Micah Hrehovcsik, lecturer and game designer at the HKU University of the Arts Utrecht, has a long history of working with Dutch companies and therapists and patients at various health systems on developing VR tools for therapeutic use in mental health care settings.



One of his recent projects is the multi-player game, Moodbot, designed to help patients who are recovering from mental illness, such as psychosis, to avoid relapse of violent behavior. He talked about some of the research that went into creating Moodbot and addressed key challenges in trying to find common ground between all stakeholders involved in creating the game.



Moodbot takes place in a fantasy water world where each player owns a room in a large spaceship. Players work together to make the ship move and collect points by performing actions, such as adjusting their own "moodbot," a robot that depicts mood by facial expression. Each player can also enter another player's room and offer encouragement, if the other player's moodbot shows negative feelings. The ultimate community goal is to move the ship forward, which reaps the players a reward.



"We ask them (players) how they feel in the real world," Hrehovcsik told Medtech Insight. The ultimate goal of the game is to allow patients to help each other keep their emotions in check by allowing communication. He said players play daily for five to 10 minutes with health care professionals being able to track and monitor all the action at the backend.



Thus far, Hrehovcsik said to the best of his knowledge there haven't been any validation studies done. But he hopes that as more data becomes available, it will allow researchers and therapists to better evaluate the treatment modality in this patient population.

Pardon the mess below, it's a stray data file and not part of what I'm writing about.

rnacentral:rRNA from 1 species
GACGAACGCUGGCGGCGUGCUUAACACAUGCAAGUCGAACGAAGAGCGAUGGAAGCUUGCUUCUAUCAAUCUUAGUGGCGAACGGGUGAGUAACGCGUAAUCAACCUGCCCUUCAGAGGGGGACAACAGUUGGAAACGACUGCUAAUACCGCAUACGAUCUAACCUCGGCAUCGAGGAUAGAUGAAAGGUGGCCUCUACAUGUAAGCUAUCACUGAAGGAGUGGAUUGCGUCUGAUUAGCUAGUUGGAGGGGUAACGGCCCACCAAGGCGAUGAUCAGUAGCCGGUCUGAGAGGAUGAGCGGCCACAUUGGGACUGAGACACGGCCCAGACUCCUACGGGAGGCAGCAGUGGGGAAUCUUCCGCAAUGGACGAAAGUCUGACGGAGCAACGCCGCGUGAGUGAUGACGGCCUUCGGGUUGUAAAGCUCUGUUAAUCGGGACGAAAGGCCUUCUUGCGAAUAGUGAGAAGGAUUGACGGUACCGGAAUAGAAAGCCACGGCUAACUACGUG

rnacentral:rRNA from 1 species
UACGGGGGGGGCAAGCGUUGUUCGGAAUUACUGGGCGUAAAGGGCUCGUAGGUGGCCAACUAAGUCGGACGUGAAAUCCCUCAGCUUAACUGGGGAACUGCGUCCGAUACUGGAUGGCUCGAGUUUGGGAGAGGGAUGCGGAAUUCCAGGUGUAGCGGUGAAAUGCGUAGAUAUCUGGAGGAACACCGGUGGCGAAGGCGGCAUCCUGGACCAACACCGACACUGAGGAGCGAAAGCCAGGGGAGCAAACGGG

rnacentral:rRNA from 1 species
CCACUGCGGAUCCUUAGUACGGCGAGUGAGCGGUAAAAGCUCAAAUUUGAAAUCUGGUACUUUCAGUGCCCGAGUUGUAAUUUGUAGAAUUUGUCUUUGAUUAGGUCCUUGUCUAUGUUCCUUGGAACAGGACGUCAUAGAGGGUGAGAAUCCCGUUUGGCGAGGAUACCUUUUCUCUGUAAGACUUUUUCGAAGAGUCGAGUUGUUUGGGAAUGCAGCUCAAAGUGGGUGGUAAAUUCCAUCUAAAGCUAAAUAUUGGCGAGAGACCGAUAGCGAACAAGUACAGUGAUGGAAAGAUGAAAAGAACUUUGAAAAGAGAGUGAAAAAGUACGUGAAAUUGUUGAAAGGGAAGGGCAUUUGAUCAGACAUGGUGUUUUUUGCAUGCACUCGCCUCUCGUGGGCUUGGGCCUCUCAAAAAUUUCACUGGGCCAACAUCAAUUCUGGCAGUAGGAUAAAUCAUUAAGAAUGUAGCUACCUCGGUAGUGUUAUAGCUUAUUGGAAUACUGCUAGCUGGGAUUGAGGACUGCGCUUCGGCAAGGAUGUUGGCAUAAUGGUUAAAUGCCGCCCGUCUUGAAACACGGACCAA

"By collecting more data from psychiatric patients on a daily basis, the information can be used to understand trends and what causes the violence," he said.



On the upside, he noted that health care workers expressed positive views about the reaction of the patients who remained committed to playing the game and reporting their feelings. He said given that health workers have only limited time to interact with each patient, by being able to monitor patients in this new gaming environment, it helped reduce their workload and increased job satisfaction. Patients expressed that they felt they had more say in their treatment and liked the idea of being able to interact with one another and help each other achieve a more positive state of mind or mood.



Asked about his biggest challenges in creating this game, the researcher said that terminology was one issue. The psychiatrists had their ideas of how they wanted to gather information, while patients and game developers had other ideas. He said in creating a successful VR game takes the buy-in of all entities, constant communication and on-going testing during game development.



"Patients need to be engaged in the game, otherwise they won't provide the information and they know while they are playing the game, the information is also being used by healthcare workers," he said.



"Patients need to be engaged in the game," said Micah Hrehovcsik, lecturer and game designer at the HKU University of the Arts Utrecht.



Another key issue that came up during the development of Moodbot was that the parties disagreed on "messaging," he said. Hrehovcsik said the psychiatrists encouraged "free-flowing" conversation where patients could leave messages for one another in the different rooms, which he strongly discouraged. He said free-flowing conversations between patients would have required health care workers to constantly monitor what's being said. It also would have left the door wide open for negative talk. Later everyone agreed on using pre-fabricated messages that were all positive and encouraging like "keep it up" for good behavior or "go outside and get some fresh air," if someone expressed sadness.